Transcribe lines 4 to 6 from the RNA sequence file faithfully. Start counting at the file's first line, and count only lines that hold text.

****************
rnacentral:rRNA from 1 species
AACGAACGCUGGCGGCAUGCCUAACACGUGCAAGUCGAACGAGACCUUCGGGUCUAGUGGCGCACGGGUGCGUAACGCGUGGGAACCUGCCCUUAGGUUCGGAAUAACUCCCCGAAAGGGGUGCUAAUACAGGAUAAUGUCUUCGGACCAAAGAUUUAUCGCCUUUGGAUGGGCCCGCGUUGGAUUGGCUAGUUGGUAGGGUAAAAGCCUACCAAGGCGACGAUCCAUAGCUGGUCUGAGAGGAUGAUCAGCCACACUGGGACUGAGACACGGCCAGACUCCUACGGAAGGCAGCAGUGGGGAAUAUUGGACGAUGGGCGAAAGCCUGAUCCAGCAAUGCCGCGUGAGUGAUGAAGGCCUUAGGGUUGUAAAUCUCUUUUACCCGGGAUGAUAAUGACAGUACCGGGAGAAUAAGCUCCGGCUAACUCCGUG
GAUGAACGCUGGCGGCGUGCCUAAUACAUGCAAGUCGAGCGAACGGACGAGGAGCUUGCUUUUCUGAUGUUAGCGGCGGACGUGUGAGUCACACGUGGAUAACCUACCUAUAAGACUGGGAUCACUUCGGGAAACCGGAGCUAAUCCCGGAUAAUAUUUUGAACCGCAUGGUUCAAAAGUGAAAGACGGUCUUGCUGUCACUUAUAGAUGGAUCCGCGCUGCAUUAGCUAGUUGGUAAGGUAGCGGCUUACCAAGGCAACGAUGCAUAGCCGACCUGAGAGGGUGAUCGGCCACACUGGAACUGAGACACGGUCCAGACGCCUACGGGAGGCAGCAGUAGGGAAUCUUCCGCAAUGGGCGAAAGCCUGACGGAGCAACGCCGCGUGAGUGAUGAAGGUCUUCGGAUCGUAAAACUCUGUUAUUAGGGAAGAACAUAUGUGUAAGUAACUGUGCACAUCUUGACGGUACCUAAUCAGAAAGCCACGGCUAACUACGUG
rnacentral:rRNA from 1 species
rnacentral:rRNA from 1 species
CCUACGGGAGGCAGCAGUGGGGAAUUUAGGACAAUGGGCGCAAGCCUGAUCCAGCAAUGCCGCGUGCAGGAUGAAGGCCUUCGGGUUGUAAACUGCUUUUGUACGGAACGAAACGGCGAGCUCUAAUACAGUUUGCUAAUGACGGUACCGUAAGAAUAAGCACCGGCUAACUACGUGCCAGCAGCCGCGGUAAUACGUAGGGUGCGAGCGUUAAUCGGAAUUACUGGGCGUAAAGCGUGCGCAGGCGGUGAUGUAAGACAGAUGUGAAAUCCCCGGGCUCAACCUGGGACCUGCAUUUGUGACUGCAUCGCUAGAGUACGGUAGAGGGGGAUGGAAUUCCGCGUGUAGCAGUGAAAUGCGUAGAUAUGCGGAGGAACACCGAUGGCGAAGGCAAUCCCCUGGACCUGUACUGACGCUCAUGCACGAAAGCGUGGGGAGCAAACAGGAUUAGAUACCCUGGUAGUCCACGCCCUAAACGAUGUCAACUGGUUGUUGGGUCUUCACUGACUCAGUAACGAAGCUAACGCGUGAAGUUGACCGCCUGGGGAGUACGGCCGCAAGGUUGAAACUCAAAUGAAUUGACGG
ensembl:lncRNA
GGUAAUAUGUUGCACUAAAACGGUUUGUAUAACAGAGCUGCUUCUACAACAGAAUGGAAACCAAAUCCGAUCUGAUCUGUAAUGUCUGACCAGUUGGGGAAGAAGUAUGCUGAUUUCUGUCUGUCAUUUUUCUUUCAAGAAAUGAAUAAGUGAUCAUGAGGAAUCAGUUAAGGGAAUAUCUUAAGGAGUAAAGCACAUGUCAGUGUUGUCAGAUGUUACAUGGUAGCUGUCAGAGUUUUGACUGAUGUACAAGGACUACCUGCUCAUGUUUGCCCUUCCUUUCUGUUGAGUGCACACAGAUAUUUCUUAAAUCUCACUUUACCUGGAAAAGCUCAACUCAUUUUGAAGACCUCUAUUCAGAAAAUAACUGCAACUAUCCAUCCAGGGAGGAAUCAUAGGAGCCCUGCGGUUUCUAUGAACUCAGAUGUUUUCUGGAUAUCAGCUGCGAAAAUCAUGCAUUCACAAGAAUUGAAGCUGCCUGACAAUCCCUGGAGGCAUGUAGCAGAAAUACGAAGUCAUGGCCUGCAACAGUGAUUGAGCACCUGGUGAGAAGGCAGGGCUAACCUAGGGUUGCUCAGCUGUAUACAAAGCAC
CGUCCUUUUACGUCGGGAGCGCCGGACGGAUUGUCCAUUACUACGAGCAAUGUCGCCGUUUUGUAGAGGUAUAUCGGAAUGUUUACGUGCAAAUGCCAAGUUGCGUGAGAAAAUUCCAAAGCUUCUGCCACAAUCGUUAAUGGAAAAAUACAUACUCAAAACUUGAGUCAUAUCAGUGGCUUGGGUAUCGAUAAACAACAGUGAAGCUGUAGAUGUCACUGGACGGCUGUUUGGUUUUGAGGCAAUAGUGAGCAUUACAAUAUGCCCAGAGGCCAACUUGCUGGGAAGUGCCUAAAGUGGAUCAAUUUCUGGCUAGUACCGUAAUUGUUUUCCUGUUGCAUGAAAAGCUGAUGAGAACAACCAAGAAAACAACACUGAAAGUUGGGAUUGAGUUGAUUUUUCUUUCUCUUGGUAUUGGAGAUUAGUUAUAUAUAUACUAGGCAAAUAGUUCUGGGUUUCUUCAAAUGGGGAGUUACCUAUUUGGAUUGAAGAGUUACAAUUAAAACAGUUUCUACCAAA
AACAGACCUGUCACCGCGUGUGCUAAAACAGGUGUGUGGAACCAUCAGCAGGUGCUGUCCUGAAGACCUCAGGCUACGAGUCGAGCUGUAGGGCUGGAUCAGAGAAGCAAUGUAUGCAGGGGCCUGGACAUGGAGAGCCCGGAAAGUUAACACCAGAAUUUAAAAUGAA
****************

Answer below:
rnacentral:rRNA from 1 species
rnacentral:rRNA from 1 species
CCUACGGGAGGCAGCAGUGGGGAAUUUAGGACAAUGGGCGCAAGCCUGAUCCAGCAAUGCCGCGUGCAGGAUGAAGGCCUUCGGGUUGUAAACUGCUUUUGUACGGAACGAAACGGCGAGCUCUAAUACAGUUUGCUAAUGACGGUACCGUAAGAAUAAGCACCGGCUAACUACGUGCCAGCAGCCGCGGUAAUACGUAGGGUGCGAGCGUUAAUCGGAAUUACUGGGCGUAAAGCGUGCGCAGGCGGUGAUGUAAGACAGAUGUGAAAUCCCCGGGCUCAACCUGGGACCUGCAUUUGUGACUGCAUCGCUAGAGUACGGUAGAGGGGGAUGGAAUUCCGCGUGUAGCAGUGAAAUGCGUAGAUAUGCGGAGGAACACCGAUGGCGAAGGCAAUCCCCUGGACCUGUACUGACGCUCAUGCACGAAAGCGUGGGGAGCAAACAGGAUUAGAUACCCUGGUAGUCCACGCCCUAAACGAUGUCAACUGGUUGUUGGGUCUUCACUGACUCAGUAACGAAGCUAACGCGUGAAGUUGACCGCCUGGGGAGUACGGCCGCAAGGUUGAAACUCAAAUGAAUUGACGG